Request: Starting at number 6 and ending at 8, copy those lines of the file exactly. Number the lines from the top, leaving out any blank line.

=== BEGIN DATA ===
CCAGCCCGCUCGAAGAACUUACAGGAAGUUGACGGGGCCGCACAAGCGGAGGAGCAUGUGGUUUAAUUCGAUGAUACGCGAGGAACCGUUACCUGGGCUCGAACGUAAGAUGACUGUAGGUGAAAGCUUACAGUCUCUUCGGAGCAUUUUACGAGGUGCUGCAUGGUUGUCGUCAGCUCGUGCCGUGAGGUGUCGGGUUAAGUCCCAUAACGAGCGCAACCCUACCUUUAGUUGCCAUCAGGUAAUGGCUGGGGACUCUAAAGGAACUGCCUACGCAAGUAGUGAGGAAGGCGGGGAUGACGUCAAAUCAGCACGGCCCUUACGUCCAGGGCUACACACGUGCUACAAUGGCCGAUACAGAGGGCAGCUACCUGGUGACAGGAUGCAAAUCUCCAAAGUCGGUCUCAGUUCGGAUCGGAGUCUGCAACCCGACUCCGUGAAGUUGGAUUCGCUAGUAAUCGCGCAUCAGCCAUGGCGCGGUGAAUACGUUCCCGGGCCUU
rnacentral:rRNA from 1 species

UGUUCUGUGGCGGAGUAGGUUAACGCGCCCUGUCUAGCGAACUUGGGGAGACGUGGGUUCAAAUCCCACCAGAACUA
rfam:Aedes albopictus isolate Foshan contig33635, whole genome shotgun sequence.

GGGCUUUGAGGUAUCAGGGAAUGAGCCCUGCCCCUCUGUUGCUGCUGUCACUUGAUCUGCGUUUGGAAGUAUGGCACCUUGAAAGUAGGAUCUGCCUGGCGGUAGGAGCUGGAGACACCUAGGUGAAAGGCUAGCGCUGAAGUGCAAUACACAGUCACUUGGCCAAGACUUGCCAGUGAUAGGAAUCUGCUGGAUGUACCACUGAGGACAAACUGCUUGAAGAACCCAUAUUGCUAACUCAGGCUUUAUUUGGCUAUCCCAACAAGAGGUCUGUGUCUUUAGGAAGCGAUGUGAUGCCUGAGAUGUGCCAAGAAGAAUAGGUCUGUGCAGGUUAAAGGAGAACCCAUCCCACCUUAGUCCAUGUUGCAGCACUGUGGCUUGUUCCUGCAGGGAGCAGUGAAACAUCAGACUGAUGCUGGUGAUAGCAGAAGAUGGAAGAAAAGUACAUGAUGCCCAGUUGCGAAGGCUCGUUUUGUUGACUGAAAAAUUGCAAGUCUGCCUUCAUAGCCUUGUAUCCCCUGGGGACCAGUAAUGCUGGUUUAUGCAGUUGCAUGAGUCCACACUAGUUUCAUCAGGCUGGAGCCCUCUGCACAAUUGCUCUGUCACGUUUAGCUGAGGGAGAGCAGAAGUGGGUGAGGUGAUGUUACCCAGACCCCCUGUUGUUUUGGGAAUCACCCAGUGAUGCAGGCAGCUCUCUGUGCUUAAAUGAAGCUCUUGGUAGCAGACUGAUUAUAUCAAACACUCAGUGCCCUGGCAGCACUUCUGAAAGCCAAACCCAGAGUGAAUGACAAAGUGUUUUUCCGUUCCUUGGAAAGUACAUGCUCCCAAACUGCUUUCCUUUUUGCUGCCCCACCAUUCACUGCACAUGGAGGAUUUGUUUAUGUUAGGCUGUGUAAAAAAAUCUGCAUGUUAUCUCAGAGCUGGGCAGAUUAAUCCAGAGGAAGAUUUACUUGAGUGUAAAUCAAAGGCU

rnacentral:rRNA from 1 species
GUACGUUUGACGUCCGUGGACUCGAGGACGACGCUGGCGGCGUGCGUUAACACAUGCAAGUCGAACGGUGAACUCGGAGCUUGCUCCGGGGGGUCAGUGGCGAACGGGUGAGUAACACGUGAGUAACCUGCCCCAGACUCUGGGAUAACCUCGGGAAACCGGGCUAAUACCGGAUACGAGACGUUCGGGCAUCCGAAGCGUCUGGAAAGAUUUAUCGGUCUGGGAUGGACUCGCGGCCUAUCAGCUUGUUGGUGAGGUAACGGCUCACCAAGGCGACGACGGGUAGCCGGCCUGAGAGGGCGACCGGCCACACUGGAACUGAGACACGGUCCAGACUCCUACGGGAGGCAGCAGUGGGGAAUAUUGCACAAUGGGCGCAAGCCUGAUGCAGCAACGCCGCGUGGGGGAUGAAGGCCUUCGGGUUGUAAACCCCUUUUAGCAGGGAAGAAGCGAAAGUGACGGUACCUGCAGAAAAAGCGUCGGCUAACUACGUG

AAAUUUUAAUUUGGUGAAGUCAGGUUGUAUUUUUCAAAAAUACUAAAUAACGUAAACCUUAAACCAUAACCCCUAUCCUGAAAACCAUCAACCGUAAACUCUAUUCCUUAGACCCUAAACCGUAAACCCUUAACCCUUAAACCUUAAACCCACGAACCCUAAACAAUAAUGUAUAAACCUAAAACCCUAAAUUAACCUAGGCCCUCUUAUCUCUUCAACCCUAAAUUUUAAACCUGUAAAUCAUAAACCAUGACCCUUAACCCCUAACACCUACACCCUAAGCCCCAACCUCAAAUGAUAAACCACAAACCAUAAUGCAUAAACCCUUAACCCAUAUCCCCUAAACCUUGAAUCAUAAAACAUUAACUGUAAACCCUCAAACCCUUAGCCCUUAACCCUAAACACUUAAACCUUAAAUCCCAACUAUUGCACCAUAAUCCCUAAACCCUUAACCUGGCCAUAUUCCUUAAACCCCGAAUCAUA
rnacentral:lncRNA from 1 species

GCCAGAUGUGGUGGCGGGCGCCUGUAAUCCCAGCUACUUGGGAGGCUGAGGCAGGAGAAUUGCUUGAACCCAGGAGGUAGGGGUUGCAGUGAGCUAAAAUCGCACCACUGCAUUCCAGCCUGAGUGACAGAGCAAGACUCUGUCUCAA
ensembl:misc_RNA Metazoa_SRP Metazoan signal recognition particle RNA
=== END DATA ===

rnacentral:rRNA from 1 species
GUACGUUUGACGUCCGUGGACUCGAGGACGACGCUGGCGGCGUGCGUUAACACAUGCAAGUCGAACGGUGAACUCGGAGCUUGCUCCGGGGGGUCAGUGGCGAACGGGUGAGUAACACGUGAGUAACCUGCCCCAGACUCUGGGAUAACCUCGGGAAACCGGGCUAAUACCGGAUACGAGACGUUCGGGCAUCCGAAGCGUCUGGAAAGAUUUAUCGGUCUGGGAUGGACUCGCGGCCUAUCAGCUUGUUGGUGAGGUAACGGCUCACCAAGGCGACGACGGGUAGCCGGCCUGAGAGGGCGACCGGCCACACUGGAACUGAGACACGGUCCAGACUCCUACGGGAGGCAGCAGUGGGGAAUAUUGCACAAUGGGCGCAAGCCUGAUGCAGCAACGCCGCGUGGGGGAUGAAGGCCUUCGGGUUGUAAACCCCUUUUAGCAGGGAAGAAGCGAAAGUGACGGUACCUGCAGAAAAAGCGUCGGCUAACUACGUG

AAAUUUUAAUUUGGUGAAGUCAGGUUGUAUUUUUCAAAAAUACUAAAUAACGUAAACCUUAAACCAUAACCCCUAUCCUGAAAACCAUCAACCGUAAACUCUAUUCCUUAGACCCUAAACCGUAAACCCUUAACCCUUAAACCUUAAACCCACGAACCCUAAACAAUAAUGUAUAAACCUAAAACCCUAAAUUAACCUAGGCCCUCUUAUCUCUUCAACCCUAAAUUUUAAACCUGUAAAUCAUAAACCAUGACCCUUAACCCCUAACACCUACACCCUAAGCCCCAACCUCAAAUGAUAAACCACAAACCAUAAUGCAUAAACCCUUAACCCAUAUCCCCUAAACCUUGAAUCAUAAAACAUUAACUGUAAACCCUCAAACCCUUAGCCCUUAACCCUAAACACUUAAACCUUAAAUCCCAACUAUUGCACCAUAAUCCCUAAACCCUUAACCUGGCCAUAUUCCUUAAACCCCGAAUCAUA